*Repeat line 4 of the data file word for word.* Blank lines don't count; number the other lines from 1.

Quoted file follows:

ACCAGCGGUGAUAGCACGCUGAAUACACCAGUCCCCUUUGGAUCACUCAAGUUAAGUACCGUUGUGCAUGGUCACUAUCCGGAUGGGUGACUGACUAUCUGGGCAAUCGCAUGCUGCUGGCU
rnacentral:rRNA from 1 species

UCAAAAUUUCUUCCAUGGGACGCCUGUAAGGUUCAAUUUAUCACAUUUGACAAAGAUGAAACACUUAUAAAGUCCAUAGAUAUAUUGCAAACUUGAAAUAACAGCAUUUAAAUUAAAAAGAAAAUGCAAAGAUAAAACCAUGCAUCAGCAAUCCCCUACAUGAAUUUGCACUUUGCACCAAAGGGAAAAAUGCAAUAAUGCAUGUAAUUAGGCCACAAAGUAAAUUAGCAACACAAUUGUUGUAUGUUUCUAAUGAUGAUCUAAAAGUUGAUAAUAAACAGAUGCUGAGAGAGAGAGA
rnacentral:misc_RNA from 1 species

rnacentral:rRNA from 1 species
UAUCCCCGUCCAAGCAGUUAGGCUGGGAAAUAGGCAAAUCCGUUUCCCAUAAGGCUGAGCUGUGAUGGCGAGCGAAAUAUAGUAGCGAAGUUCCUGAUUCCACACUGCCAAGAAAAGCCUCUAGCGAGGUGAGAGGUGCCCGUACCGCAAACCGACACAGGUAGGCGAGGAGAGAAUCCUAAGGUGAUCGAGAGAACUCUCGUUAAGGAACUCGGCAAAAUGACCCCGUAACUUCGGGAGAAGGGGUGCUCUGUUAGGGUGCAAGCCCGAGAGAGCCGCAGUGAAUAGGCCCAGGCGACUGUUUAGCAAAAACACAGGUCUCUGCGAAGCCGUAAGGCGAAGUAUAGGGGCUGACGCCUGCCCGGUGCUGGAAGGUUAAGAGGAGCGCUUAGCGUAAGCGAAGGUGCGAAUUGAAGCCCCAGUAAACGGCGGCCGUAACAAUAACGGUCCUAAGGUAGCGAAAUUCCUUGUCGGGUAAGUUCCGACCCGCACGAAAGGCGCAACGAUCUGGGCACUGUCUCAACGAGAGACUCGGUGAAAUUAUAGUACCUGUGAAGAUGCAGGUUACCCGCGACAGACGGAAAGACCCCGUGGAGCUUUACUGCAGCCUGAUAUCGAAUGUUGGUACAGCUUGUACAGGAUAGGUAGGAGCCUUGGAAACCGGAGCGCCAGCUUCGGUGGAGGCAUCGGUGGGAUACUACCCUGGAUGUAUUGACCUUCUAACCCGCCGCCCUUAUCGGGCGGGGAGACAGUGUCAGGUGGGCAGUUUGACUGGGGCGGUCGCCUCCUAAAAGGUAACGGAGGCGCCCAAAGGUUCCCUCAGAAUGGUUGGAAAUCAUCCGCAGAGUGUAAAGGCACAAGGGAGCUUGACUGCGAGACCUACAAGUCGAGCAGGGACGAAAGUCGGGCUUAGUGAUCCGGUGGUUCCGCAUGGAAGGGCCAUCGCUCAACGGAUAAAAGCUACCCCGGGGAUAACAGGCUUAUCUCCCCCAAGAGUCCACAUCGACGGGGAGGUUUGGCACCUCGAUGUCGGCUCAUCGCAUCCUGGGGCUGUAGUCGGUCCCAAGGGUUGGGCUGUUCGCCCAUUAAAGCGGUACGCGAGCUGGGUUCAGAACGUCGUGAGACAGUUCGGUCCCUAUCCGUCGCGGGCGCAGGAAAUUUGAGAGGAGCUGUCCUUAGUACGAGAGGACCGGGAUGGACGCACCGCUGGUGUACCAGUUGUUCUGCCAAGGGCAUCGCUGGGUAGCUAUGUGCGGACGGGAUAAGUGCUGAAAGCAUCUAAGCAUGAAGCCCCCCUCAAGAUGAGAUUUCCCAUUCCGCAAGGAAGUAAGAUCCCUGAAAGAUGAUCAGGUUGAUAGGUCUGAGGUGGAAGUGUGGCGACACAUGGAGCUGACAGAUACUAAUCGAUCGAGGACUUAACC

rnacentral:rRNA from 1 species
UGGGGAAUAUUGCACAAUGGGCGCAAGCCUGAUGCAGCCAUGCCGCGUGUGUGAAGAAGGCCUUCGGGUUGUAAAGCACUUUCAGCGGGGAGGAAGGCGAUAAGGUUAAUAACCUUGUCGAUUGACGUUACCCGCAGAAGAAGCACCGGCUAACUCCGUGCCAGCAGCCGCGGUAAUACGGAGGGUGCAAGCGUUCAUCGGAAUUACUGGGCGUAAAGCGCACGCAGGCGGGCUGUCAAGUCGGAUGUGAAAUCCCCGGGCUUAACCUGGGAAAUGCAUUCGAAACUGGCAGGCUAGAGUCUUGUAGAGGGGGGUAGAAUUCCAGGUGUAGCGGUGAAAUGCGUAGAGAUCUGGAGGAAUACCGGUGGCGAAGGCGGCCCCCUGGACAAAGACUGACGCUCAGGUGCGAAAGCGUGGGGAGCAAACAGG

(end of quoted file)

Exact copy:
rnacentral:misc_RNA from 1 species